O: Wow. Carlos Ortiz of the Hispanic National Bar Association—

SS: I love Carlos.

O: He said that you carry the hopes and aspirations of more than 50 million people. That's a lot of pressure. Do you feel that?

SS: Yes.

O: You do.

SS: I didn't think I would. Mostly because at first, I didn't think it was true. I didn't understand it until after I became a justice. Now when I talk to kids, I often tell them, "I'm going to disappoint you someday. I won't be worth my salt as a judge if I don't render at least one decision that makes you unhappy. Because if I'm following the law—and I don't write them—there has to be some decision you won't like. Please don't judge any person by one act. Take from them the good and don't concentrate on the little things that make you unhappy." That's my approach to family and friends, too.

O: You write in your book about your marriage, after you graduated Princeton, to your high school sweetheart, Kevin Noonan. I love the story about how he gave you a rose every day for the first month you were dating—and you later found out the roses had come from your aunt's garden. You divorced in 1983 and remain friends. Why did it end, do you think?

SS: When you marry young, you run the risk that you'll grow in different directions. I was completely consumed with work when I started as a D.A. in Manhattan, and I really wasn't paying attention to [my husband]. I take full responsibility for that part of the end. But he also, as he later explained to me, began to fear not being as successful as I was. And that led him to think, "Does she really need me?" I loved him and I knew he loved me. But did I need him in the way he wanted me to need him? He was probably right that I didn't.

O: Men, as a rule, want to be needed in the way he's talking about. And I think it takes a special kind of man to be with a woman like you.

SS: I fear, yes.

O: So, next question, how does one date when one is a Supreme Court justice?

SS: I have no idea, because I haven't been able to since I became one!

O: Talk about intimidating—good Lord! Lots of women—from Gayle to other friends—say, "Am I intimidating to men?" But when you're a Supreme Court justice, that's pretty damn intimidating!

SS: I worry about that, let me tell you. Since I was nominated and confirmed, I've been completely drowning in my work. But at some point I'll pick up my head and say, "It's time to date again." When I do that, you've got to find the guy for me.

O: You gotta get in line with a long list of women! [Laughs.]

GAYLE KING: [Off to the side, listening.] Get behind me, Justice!

O: Do you and the other justices hang out? Do justices hang?

SS: Well, we don't go to a local bar on Fridays and drink the night away. But we spend a lot of time together during the workweek. Not only are we in court all the time, we have lunch together, we attend a lot of dinners—I spend more time with my justice friends than I've ever spent with other colleagues. We do socialize. My colleagues like the opera; I'm more of a jazz fanatic. But occasionally we play cards together. So yes, we do hang out, just in a quieter way.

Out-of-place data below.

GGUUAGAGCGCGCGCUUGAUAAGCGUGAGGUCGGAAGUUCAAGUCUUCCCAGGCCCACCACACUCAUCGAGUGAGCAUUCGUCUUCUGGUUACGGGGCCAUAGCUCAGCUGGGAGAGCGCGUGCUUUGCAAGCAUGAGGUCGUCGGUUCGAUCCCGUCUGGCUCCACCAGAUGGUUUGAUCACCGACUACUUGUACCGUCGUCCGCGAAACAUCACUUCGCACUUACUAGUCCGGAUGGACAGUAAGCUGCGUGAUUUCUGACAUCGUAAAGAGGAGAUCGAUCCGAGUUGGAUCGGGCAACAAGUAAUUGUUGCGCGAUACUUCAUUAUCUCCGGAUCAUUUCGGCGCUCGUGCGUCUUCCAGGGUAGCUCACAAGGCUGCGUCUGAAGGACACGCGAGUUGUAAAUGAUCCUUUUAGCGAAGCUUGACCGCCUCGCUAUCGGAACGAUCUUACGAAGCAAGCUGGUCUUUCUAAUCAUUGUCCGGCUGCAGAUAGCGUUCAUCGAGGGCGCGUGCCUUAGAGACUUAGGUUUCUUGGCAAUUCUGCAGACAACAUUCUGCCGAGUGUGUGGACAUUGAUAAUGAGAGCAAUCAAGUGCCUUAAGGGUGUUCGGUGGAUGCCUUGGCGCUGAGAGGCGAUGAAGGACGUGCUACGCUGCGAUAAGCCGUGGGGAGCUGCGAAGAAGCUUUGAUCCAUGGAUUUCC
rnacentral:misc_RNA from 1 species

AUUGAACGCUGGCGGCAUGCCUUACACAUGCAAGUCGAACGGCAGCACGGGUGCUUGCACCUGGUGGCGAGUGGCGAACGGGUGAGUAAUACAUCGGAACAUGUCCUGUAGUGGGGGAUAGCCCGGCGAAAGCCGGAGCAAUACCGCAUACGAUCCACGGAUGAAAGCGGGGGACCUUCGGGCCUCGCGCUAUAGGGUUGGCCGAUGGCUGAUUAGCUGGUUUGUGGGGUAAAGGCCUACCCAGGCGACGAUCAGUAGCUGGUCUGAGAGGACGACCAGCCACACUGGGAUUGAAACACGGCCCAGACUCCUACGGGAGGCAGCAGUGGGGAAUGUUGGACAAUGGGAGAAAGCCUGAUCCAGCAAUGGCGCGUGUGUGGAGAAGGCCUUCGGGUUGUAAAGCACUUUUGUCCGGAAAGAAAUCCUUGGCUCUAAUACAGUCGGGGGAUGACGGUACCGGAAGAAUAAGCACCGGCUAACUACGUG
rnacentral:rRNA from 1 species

O: What is a typical day like?

SS: Boy, would it be boring for most people! It involves research, thinking, and writing. We write all the time, whether it's opinions or memos to our colleagues on legal issues that we're discussing, trying to persuade the others to change their minds—and sometimes being successful.

O: Is this the most fun you've ever had, being on the Supreme Court? Is it everything you imagined it to be?

SS: [Pauses.] No. I loved my life as a district court and circuit court judge. There, I could be more me. I could go out with friends and not think twice about it. Some of my girlfriends could tell those stories. I won't let them, but—

O: You could go dancing and take off your shoes if you wanted to.

SS: And nobody took pictures. Nobody cared. And I loved my work then. That's not to suggest I'm unhappy now. It's a wonderful life and I'm doing things I never imagined and providing an example that I never thought people would find useful. And that's important. I don't want it to sound as if I'm ungrateful, because I'm not. I'm very, very grateful. But you asked me a particular question—

O: Is this the most fun you've ever had?

SS: And the answer, truthfully, is no. The life I gave up was the most fun I ever had.

O: So what becomes your greatest aspiration when you sit on the highest court in the land?

SS: I've gone further than I ever dreamed. I'm not applying for another job for the rest of my life. You couldn't get me to go through another confirmation hearing for anything. I don't have a professional aspiration. But I do have a personal one: I want to continue growing as a person. I want to reach out more to people, learn more from them. Ultimately, I would like to be a great justice that people remember with respect and fondness. Decisions are meaningful, and I hope I write some that will last through the ages. But I hope that I'm remembered by others because I touched them in a meaningful way.

O: Have you ever made a decision from the bench and then later thought differently about it?

SS: Yes. I had a couple of cases as a judge on the trial bench where I imposed sentences and later regretted I hadn't imposed lighter ones.

O: Any other regrets?

SS: I don't remember telling my father I loved him. And I wish I had.

O: Thank you for this time, Justice. It's been an honor.

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